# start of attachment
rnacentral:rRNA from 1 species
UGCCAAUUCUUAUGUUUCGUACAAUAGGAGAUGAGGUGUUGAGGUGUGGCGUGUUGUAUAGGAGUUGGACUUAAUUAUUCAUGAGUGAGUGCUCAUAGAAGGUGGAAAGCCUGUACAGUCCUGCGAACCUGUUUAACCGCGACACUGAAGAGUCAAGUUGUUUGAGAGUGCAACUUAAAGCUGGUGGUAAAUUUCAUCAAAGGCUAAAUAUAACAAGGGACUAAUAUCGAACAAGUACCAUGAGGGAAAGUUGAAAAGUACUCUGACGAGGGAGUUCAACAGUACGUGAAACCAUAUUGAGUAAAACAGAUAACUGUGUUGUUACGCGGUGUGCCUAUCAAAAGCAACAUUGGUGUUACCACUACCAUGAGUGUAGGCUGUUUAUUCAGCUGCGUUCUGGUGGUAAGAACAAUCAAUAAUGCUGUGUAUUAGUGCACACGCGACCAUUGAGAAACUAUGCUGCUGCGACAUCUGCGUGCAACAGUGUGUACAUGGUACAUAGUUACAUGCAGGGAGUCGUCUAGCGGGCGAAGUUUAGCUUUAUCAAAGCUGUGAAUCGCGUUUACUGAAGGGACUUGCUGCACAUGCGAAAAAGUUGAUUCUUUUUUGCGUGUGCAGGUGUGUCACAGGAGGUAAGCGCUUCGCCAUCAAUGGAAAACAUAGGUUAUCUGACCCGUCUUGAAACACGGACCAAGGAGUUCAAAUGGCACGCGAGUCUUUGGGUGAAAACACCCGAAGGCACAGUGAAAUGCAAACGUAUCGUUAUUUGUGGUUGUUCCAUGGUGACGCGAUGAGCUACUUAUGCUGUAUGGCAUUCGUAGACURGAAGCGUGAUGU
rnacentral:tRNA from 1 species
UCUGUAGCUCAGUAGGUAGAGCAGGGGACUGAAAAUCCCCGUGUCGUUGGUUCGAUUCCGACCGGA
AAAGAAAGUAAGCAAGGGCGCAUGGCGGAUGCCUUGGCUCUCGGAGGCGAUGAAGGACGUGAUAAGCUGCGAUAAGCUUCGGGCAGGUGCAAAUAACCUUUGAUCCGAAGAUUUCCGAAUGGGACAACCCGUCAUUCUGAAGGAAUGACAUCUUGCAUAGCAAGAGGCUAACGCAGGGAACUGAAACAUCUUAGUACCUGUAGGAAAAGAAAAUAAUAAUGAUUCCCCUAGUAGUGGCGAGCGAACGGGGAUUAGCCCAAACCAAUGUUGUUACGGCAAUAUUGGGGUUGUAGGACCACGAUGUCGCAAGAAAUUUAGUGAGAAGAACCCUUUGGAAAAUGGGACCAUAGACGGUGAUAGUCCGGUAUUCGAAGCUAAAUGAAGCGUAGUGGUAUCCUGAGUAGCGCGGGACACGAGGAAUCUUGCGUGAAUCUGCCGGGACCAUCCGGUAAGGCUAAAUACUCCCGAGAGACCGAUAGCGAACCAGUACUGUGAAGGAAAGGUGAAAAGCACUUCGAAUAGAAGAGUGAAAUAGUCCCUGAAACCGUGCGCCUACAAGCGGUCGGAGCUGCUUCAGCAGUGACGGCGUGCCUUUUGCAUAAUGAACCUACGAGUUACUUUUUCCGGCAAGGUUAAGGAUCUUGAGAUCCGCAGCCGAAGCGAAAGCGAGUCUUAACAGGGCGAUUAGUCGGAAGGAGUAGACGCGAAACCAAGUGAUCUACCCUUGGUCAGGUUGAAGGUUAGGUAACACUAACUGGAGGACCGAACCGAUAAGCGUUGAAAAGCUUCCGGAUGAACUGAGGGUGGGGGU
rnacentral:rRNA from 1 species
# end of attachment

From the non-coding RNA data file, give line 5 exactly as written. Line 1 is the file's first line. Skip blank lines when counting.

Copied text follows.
AAAGAAAGUAAGCAAGGGCGCAUGGCGGAUGCCUUGGCUCUCGGAGGCGAUGAAGGACGUGAUAAGCUGCGAUAAGCUUCGGGCAGGUGCAAAUAACCUUUGAUCCGAAGAUUUCCGAAUGGGACAACCCGUCAUUCUGAAGGAAUGACAUCUUGCAUAGCAAGAGGCUAACGCAGGGAACUGAAACAUCUUAGUACCUGUAGGAAAAGAAAAUAAUAAUGAUUCCCCUAGUAGUGGCGAGCGAACGGGGAUUAGCCCAAACCAAUGUUGUUACGGCAAUAUUGGGGUUGUAGGACCACGAUGUCGCAAGAAAUUUAGUGAGAAGAACCCUUUGGAAAAUGGGACCAUAGACGGUGAUAGUCCGGUAUUCGAAGCUAAAUGAAGCGUAGUGGUAUCCUGAGUAGCGCGGGACACGAGGAAUCUUGCGUGAAUCUGCCGGGACCAUCCGGUAAGGCUAAAUACUCCCGAGAGACCGAUAGCGAACCAGUACUGUGAAGGAAAGGUGAAAAGCACUUCGAAUAGAAGAGUGAAAUAGUCCCUGAAACCGUGCGCCUACAAGCGGUCGGAGCUGCUUCAGCAGUGACGGCGUGCCUUUUGCAUAAUGAACCUACGAGUUACUUUUUCCGGCAAGGUUAAGGAUCUUGAGAUCCGCAGCCGAAGCGAAAGCGAGUCUUAACAGGGCGAUUAGUCGGAAGGAGUAGACGCGAAACCAAGUGAUCUACCCUUGGUCAGGUUGAAGGUUAGGUAACACUAACUGGAGGACCGAACCGAUAAGCGUUGAAAAGCUUCCGGAUGAACUGAGGGUGGGGGU